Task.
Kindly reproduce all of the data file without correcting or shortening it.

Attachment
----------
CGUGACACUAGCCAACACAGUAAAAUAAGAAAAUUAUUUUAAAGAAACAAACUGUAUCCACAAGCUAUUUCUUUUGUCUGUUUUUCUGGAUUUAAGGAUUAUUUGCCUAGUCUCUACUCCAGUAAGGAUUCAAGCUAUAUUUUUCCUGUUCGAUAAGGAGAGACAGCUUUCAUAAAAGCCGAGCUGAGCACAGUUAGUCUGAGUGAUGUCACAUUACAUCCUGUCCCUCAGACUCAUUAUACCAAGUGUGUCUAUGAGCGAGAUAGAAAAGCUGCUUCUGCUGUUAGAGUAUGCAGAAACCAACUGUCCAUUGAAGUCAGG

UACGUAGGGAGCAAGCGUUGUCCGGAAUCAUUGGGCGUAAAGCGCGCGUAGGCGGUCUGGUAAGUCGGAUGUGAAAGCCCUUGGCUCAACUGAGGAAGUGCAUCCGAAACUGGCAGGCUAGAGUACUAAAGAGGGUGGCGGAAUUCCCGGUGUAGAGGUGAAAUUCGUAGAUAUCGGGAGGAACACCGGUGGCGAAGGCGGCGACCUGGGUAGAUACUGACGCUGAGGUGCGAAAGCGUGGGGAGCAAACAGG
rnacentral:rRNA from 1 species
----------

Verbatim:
CGUGACACUAGCCAACACAGUAAAAUAAGAAAAUUAUUUUAAAGAAACAAACUGUAUCCACAAGCUAUUUCUUUUGUCUGUUUUUCUGGAUUUAAGGAUUAUUUGCCUAGUCUCUACUCCAGUAAGGAUUCAAGCUAUAUUUUUCCUGUUCGAUAAGGAGAGACAGCUUUCAUAAAAGCCGAGCUGAGCACAGUUAGUCUGAGUGAUGUCACAUUACAUCCUGUCCCUCAGACUCAUUAUACCAAGUGUGUCUAUGAGCGAGAUAGAAAAGCUGCUUCUGCUGUUAGAGUAUGCAGAAACCAACUGUCCAUUGAAGUCAGG

UACGUAGGGAGCAAGCGUUGUCCGGAAUCAUUGGGCGUAAAGCGCGCGUAGGCGGUCUGGUAAGUCGGAUGUGAAAGCCCUUGGCUCAACUGAGGAAGUGCAUCCGAAACUGGCAGGCUAGAGUACUAAAGAGGGUGGCGGAAUUCCCGGUGUAGAGGUGAAAUUCGUAGAUAUCGGGAGGAACACCGGUGGCGAAGGCGGCGACCUGGGUAGAUACUGACGCUGAGGUGCGAAAGCGUGGGGAGCAAACAGG
rnacentral:rRNA from 1 species